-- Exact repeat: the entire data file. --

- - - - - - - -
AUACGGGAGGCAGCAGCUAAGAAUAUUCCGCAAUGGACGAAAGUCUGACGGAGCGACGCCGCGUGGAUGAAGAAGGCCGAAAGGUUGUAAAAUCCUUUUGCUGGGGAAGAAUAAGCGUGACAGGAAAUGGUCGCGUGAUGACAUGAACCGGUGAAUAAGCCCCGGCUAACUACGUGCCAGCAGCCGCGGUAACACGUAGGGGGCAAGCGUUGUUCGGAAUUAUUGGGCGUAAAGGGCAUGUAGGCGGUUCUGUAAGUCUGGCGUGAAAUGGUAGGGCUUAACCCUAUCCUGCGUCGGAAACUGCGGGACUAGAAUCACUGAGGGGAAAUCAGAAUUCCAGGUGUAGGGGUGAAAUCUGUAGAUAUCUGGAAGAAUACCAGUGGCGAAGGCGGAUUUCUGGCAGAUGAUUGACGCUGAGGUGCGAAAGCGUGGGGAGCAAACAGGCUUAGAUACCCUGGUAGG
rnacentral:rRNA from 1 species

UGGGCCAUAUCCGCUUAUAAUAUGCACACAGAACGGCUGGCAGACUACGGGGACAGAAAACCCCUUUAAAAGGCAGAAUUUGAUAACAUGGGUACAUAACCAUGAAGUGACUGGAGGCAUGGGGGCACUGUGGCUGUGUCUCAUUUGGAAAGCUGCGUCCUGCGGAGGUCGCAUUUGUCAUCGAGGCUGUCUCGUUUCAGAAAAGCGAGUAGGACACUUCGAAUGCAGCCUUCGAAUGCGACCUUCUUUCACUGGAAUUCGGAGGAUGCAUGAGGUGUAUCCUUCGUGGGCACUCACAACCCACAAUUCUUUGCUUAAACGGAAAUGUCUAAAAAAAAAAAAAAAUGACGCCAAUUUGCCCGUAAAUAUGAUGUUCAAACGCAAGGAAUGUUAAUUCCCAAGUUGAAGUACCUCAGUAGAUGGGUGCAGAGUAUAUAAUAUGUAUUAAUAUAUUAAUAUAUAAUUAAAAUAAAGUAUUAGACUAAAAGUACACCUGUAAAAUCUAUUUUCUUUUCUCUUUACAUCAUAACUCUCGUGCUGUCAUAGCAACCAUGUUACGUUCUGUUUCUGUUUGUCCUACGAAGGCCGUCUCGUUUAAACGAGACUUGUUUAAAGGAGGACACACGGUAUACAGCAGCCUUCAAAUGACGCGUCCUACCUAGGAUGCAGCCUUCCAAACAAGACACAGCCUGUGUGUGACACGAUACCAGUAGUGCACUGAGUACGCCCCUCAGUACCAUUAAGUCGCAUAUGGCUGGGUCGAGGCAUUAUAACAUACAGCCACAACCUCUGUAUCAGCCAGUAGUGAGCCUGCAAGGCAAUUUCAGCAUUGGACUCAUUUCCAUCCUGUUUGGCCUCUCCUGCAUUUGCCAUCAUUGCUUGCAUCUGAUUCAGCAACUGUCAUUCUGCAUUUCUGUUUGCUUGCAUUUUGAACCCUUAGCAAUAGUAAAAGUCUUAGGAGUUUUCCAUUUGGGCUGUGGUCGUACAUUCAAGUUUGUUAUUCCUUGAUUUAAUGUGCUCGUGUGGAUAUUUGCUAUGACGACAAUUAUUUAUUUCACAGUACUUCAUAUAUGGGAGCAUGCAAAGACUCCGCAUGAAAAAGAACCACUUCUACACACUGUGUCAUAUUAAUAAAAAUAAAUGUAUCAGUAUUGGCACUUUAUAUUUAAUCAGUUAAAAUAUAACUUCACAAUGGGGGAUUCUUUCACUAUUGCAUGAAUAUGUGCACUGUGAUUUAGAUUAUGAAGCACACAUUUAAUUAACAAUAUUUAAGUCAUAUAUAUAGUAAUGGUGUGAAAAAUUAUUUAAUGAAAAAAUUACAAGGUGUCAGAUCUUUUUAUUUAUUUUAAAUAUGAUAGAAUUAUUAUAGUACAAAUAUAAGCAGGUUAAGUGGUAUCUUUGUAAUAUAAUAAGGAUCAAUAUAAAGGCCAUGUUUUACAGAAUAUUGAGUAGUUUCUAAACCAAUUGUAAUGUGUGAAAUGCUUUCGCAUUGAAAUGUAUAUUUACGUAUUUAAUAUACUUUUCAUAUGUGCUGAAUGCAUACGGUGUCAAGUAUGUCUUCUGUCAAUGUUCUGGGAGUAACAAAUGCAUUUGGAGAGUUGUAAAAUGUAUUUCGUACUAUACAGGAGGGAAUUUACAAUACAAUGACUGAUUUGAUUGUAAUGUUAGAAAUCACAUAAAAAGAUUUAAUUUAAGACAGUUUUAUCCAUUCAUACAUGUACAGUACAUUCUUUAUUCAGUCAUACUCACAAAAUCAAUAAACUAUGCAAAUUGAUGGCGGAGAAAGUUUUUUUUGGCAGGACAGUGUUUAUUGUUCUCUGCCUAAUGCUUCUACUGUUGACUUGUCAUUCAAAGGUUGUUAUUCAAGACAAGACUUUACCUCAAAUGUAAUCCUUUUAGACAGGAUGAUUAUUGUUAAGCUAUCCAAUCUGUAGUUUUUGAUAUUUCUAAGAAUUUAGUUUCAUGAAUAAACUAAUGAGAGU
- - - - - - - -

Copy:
AUACGGGAGGCAGCAGCUAAGAAUAUUCCGCAAUGGACGAAAGUCUGACGGAGCGACGCCGCGUGGAUGAAGAAGGCCGAAAGGUUGUAAAAUCCUUUUGCUGGGGAAGAAUAAGCGUGACAGGAAAUGGUCGCGUGAUGACAUGAACCGGUGAAUAAGCCCCGGCUAACUACGUGCCAGCAGCCGCGGUAACACGUAGGGGGCAAGCGUUGUUCGGAAUUAUUGGGCGUAAAGGGCAUGUAGGCGGUUCUGUAAGUCUGGCGUGAAAUGGUAGGGCUUAACCCUAUCCUGCGUCGGAAACUGCGGGACUAGAAUCACUGAGGGGAAAUCAGAAUUCCAGGUGUAGGGGUGAAAUCUGUAGAUAUCUGGAAGAAUACCAGUGGCGAAGGCGGAUUUCUGGCAGAUGAUUGACGCUGAGGUGCGAAAGCGUGGGGAGCAAACAGGCUUAGAUACCCUGGUAGG
rnacentral:rRNA from 1 species

UGGGCCAUAUCCGCUUAUAAUAUGCACACAGAACGGCUGGCAGACUACGGGGACAGAAAACCCCUUUAAAAGGCAGAAUUUGAUAACAUGGGUACAUAACCAUGAAGUGACUGGAGGCAUGGGGGCACUGUGGCUGUGUCUCAUUUGGAAAGCUGCGUCCUGCGGAGGUCGCAUUUGUCAUCGAGGCUGUCUCGUUUCAGAAAAGCGAGUAGGACACUUCGAAUGCAGCCUUCGAAUGCGACCUUCUUUCACUGGAAUUCGGAGGAUGCAUGAGGUGUAUCCUUCGUGGGCACUCACAACCCACAAUUCUUUGCUUAAACGGAAAUGUCUAAAAAAAAAAAAAAAUGACGCCAAUUUGCCCGUAAAUAUGAUGUUCAAACGCAAGGAAUGUUAAUUCCCAAGUUGAAGUACCUCAGUAGAUGGGUGCAGAGUAUAUAAUAUGUAUUAAUAUAUUAAUAUAUAAUUAAAAUAAAGUAUUAGACUAAAAGUACACCUGUAAAAUCUAUUUUCUUUUCUCUUUACAUCAUAACUCUCGUGCUGUCAUAGCAACCAUGUUACGUUCUGUUUCUGUUUGUCCUACGAAGGCCGUCUCGUUUAAACGAGACUUGUUUAAAGGAGGACACACGGUAUACAGCAGCCUUCAAAUGACGCGUCCUACCUAGGAUGCAGCCUUCCAAACAAGACACAGCCUGUGUGUGACACGAUACCAGUAGUGCACUGAGUACGCCCCUCAGUACCAUUAAGUCGCAUAUGGCUGGGUCGAGGCAUUAUAACAUACAGCCACAACCUCUGUAUCAGCCAGUAGUGAGCCUGCAAGGCAAUUUCAGCAUUGGACUCAUUUCCAUCCUGUUUGGCCUCUCCUGCAUUUGCCAUCAUUGCUUGCAUCUGAUUCAGCAACUGUCAUUCUGCAUUUCUGUUUGCUUGCAUUUUGAACCCUUAGCAAUAGUAAAAGUCUUAGGAGUUUUCCAUUUGGGCUGUGGUCGUACAUUCAAGUUUGUUAUUCCUUGAUUUAAUGUGCUCGUGUGGAUAUUUGCUAUGACGACAAUUAUUUAUUUCACAGUACUUCAUAUAUGGGAGCAUGCAAAGACUCCGCAUGAAAAAGAACCACUUCUACACACUGUGUCAUAUUAAUAAAAAUAAAUGUAUCAGUAUUGGCACUUUAUAUUUAAUCAGUUAAAAUAUAACUUCACAAUGGGGGAUUCUUUCACUAUUGCAUGAAUAUGUGCACUGUGAUUUAGAUUAUGAAGCACACAUUUAAUUAACAAUAUUUAAGUCAUAUAUAUAGUAAUGGUGUGAAAAAUUAUUUAAUGAAAAAAUUACAAGGUGUCAGAUCUUUUUAUUUAUUUUAAAUAUGAUAGAAUUAUUAUAGUACAAAUAUAAGCAGGUUAAGUGGUAUCUUUGUAAUAUAAUAAGGAUCAAUAUAAAGGCCAUGUUUUACAGAAUAUUGAGUAGUUUCUAAACCAAUUGUAAUGUGUGAAAUGCUUUCGCAUUGAAAUGUAUAUUUACGUAUUUAAUAUACUUUUCAUAUGUGCUGAAUGCAUACGGUGUCAAGUAUGUCUUCUGUCAAUGUUCUGGGAGUAACAAAUGCAUUUGGAGAGUUGUAAAAUGUAUUUCGUACUAUACAGGAGGGAAUUUACAAUACAAUGACUGAUUUGAUUGUAAUGUUAGAAAUCACAUAAAAAGAUUUAAUUUAAGACAGUUUUAUCCAUUCAUACAUGUACAGUACAUUCUUUAUUCAGUCAUACUCACAAAAUCAAUAAACUAUGCAAAUUGAUGGCGGAGAAAGUUUUUUUUGGCAGGACAGUGUUUAUUGUUCUCUGCCUAAUGCUUCUACUGUUGACUUGUCAUUCAAAGGUUGUUAUUCAAGACAAGACUUUACCUCAAAUGUAAUCCUUUUAGACAGGAUGAUUAUUGUUAAGCUAUCCAAUCUGUAGUUUUUGAUAUUUCUAAGAAUUUAGUUUCAUGAAUAAACUAAUGAGAGU